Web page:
The Fitzwilliam Museum and the Ashmolean Museum are pleased to announce an interdisciplinary conference to be held March 28–30, 2023 in Cambridge, London and Oxford. The first day (28 March 2023) will take place at the Old Divinity School, St John’s College, Cambridge, the second (29 March 2023) at the Cyprus House, St James’ Square, London and the third (30 March 2023) at the Ashmolean Museum, Oxford.
The conference will accompany the two major exhibitions opening February 2023 in Cambridge Islanders: The Making of the Mediterranean (as part of the Being an Islander project) and Labyrinth: Knossos, Myth & Reality, in Oxford on the theme of the Mediterranean islands, exploring research questions which are complementary between the two projects.
The conference will include keynote lectures from leading researchers in the fields of Mediterranean archaeology, island archaeology, and the archaeology of Crete and Knossos, as well as neighbouring scientific fields (archaeobotany, archaeometallurgy and ceramic studies) in dialogue with the broader disciplines mentioned above.
Throughout history, islands have been treated as distinct places, unlike mainland and continental masses. In geographic terms, islands are merely pieces of land surrounded by water, but the perception of island life has never been neutral. Rather, the term ‘insularity’ – belonging to/being of an island – has been romanticised and associated with otherness. Islands have often been deemed to have different histories from the mainland and with more readily isolated socio-political, cultural and economic characteristics. Yet connectivity has also been an important feature of island life as the sea can be a linking rather than just a dividing body, motivating and maintaining informal and formal connections. This has been made evident by the flourishing studies of the archaeology, art and history of the Mediterranean islands.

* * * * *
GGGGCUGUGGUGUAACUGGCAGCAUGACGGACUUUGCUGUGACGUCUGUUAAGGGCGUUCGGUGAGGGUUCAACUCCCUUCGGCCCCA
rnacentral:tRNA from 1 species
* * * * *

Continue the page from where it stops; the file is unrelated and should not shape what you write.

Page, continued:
‘Being an Islander: Art and Identity of the Large Mediterranean Islands’ research project addresses the above questions under a broad diachronic scope and applies integrative analytical approach to our exhibits. The associated exhibition will also engage works of contemporary artists whose creations contemplate what belonging to an island means. Papers presented in this joint conference by the Being an Islander research consortium (Fitzwilliam Museum, McDonald Institute for Archaeological Research, The Cyprus Institute, Department of Antiquities, Cyprus, Greek Ministry of Culture, National Archaeological Museum of Cagliari) will present the project’s findings on topics of insularity, mobility and migration in the Mediterranean diachronically.
The second theme of our conference, centred on the Ashmolean’s Labyrinth exhibition, will focus on the archaeological site of Knossos. For many, Knossos was the Labyrinth, the mythical home of the Minotaur, while others know it as the centre of the Bronze Age Minoan civilisation and the home of the earliest farmers in Europe. Using objects excavated over the course of over nearly 150 years, archival documents and digital technology, the Ashmolean will reveal the history of this world-famous archaeological site. Collaborating with the Greek Ministry of Culture, the British School at Athens and Oxford’s School of Archaeology, this will be UK’s first major exhibition focussing on Knossos, including many significant loans from Greece. Papers presented in the joint conference will bring together speakers from these partner organisations and the excavators responsible for new discoveries in and around Knossos.